Accept that you are doing your best and cut yourself some slack. Be proud of who you are and stop comparing yourself to others. You are not responsible for how other people feel, but you are responsible for how you allow them to make you feel.

8. Ask Them to Repeat Themselves

This doesn’t sound simple, does it? But believe me when I say that asking people to clarify what they mean will save you hours (maybe even days) of wasted time overthinking and rehashing situations.

Ask the person to clarify their meaning (without getting worked up or defensive). I can almost guarantee that the explanation you receive will be totally different from your initial automatic (and negative) reaction to the situation.

9. Use Positive Affirmations

Using positive affirmations helps you overcome your feelings of self-doubt and anxiousness and reroute your brain to a place of self-acceptance and positivity. The beauty of it is you can repeat them anywhere, at any time. Take 5 to 10 minutes out of your schedule to repeat an affirmation you like, such as:

“You’re good enough, smart enough, strong enough, and worthy enough.” 

Make this your daily mantra, and before you know it, you won’t need validation from other people. You are enough.

10. Find Your Tribe

Have you ever heard the phrase “cool by association“? It basically means that you are who you hang out with in your spare time.

If you're taking things personally on the reg, then it's time you reevaluate whom you're spending your spare time with.

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Be proud of who you are and stop comparing yourself to others.

Don't be a people pleaser just to fit in. Rather surround yourself with people who boost your self-confidence and celebrate you for who you are. You shouldn't waste your time or energy on people who make you feel less than you are.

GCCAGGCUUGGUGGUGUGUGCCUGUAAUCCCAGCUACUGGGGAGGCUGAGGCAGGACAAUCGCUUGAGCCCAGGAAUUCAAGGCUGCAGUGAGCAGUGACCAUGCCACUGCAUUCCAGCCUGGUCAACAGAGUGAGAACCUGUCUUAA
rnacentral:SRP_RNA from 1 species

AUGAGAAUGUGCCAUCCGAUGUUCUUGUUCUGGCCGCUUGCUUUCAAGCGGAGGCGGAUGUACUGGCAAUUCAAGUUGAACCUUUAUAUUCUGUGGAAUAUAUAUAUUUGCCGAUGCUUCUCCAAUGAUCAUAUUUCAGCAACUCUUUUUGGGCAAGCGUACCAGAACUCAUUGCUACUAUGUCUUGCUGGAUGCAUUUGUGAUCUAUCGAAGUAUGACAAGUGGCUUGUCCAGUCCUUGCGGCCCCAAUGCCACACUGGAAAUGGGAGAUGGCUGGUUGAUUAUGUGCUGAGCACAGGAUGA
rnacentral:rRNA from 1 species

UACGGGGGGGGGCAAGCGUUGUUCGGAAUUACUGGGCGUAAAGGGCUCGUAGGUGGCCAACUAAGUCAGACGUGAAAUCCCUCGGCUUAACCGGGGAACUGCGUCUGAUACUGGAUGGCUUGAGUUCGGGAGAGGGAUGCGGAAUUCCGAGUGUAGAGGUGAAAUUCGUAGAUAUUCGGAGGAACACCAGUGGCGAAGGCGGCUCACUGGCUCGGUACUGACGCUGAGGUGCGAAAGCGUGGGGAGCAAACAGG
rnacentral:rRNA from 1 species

Besides, your tribe won't make you feel inadequate or that you aren't enough. When you're going through bad times, they'll be there to cheer you up and remind you of all your positive attributes.

11. Be Your Authentic Self

Being authentic is definitely one of the best ways to stop taking things personally. Sometimes in life it's necessary to focus on yourself and what you want out of life. You shouldn't have to hide behind a mask just so that people will like you.

To be authentic, you need to practice self-love and accept yourself (faults and all). Be aware of how external factors influence your decisions and find ways to move past that need for approval or validation.

It's about trust. Trust yourself enough to walk into a tense room and not feel like it's all your fault. Trust that your personality is unique, and you have much to offer the world. Remember being authentic is a conscious decision and takes practice. 

Once you show up as your authentic self, your confidence will shine through.

Final Thoughts on Taking Things Personally 

With all of life’s pressures today, it’s no wonder we take things so personally. Everyone is trying to survive and climb the corporate or social ladder. We all want to be accepted and loved… so when we feel rejected, it creates turmoil in our hearts and minds.

The truth is, life is a personal matter for each of us, and we do have to take some form of responsibility for certain things that happen in our lives. But not for every little thing.

At the end of the day, we are the ones who chose to make something personal. And if we can choose to make it personal, we can choose to let it go.

It’s time to take back your power. 

For more information on how to calm your mind and find peace, check out our complete guide to meditation.

Finally, if you want a simple way to reduce your stress and anxiety, then try writing these 35 mindfulness journaling prompts to live more in the present moment.